I spent most of the day in the tower, thinking about how I could get out of my situation. It was only when I started to see the sun touch the horizon that I snapped out of it. I jerked up out of my chair and ran down the stairs. I dumped a can of gasoline on the massive pile of firewood, threw in a match, and darted back up the stairs. It was time to wait. I sat in my chair, overlooking the fire with the false sense of security that the tower gave me. Nothing was happening. I don’t know what I was expecting to happen, but I thought it would be something. Minutes turned into hours, and hours passed by with nothing happening. I was starting to doze off, when around 1 am I heard a shriek coming from the woods. I shot up, fully awake, not sure what I had heard. Suddenly, I saw four figures entering the clearing. They all took the appearance of hikers, but I knew better. Who could say what was really under their disguises. I was terrified. There were more of them. I thought there was only one up until now. This was when I noticed something. They seemed to avoid the fire. Although it was dying out, they only went as close as the outer ring the light from it formed. With this, I came to two realizations. First, they are afraid of fire. Second, the fire was very quickly dying out. When I came to this conclusion, they all looked up at me in unison. Shivers immediately shot down my spine. All I could do was pray that the fire held out for long enough, for who knew what they would do to me if that fire went out. When the clock struck 2 am, as if it was clockwork, they all sauntered back into the tree line, just before the fire went out. I decided to go to bed before anything else could happen that night. I left the lights on like the rules said, and again dreamt of that thing finding me under the bed.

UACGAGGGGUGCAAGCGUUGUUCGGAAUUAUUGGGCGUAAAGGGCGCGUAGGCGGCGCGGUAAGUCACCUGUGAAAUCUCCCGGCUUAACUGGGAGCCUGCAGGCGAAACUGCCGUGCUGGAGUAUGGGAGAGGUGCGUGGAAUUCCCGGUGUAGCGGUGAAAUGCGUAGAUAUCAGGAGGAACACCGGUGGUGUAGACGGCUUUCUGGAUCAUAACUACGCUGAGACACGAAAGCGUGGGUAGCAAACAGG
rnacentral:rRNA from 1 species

The next day I found myself out on the trails. I was wandering about until I came upon a campsite. It was the one I had passed a few days ago. I approached it, but suddenly stopped. The tent was ripped to pieces, the equipment thrown about. It was destroyed. After looking at the site, I realized something was wrong. I couldn’t hear anything. Oh God I was so screwed. I didn’t know how long it had been since the forest went quiet, so I didn’t hesitate to dart into the tree line to look for a spot to hide. I found a half dead tree, and crawled my way inside the trunk. It would have to be good enough. The second I got into my spot, I heard that gut rattling scream. It was close. I peered out, and saw it in full clarity for the first time. The thing must have been ten feet tall. It was humanoid in shape, but everything was wrong. Its limbs were long, too long. It didn’t make sense. And it was so skinny. It was as if it hadn’t eaten anything in its lifetime. But the worst part was its eyes. They were a red so bright it looked as if a fire were burning in its sockets. This thing had come straight from hell – from my nightmares. I was going to die, and there was nothing I could do. The creature suddenly snapped its head around, looking straight at me. It felt like it was staring into my soul. Those piercing red eyes left an imprint in my mind. It let out a shriek, and as I began to sob, I saw an unnaturally wide smile spread across the creature’s face. At this point I just wanted to curl up into a ball and wake up from this nightmare. It started walking towards me. Oh no, oh no no no. This was it. When it was about two steps from my hiding spot, I heard another piercing shriek from off in the distance. It stopped dead in its tracks. Then it yelled back. The noise that came out of its mouth was so strong and piercing that I thought it ruptured my eardrum. It began to stalk away, back towards the other shrieks. I listened to it, and it was laughing. This thing was toying with me. I knew it now. I decided I had to run. It was my only chance to escape. If I went now, I could make it to my car in maybe three hours. It was worth the risk.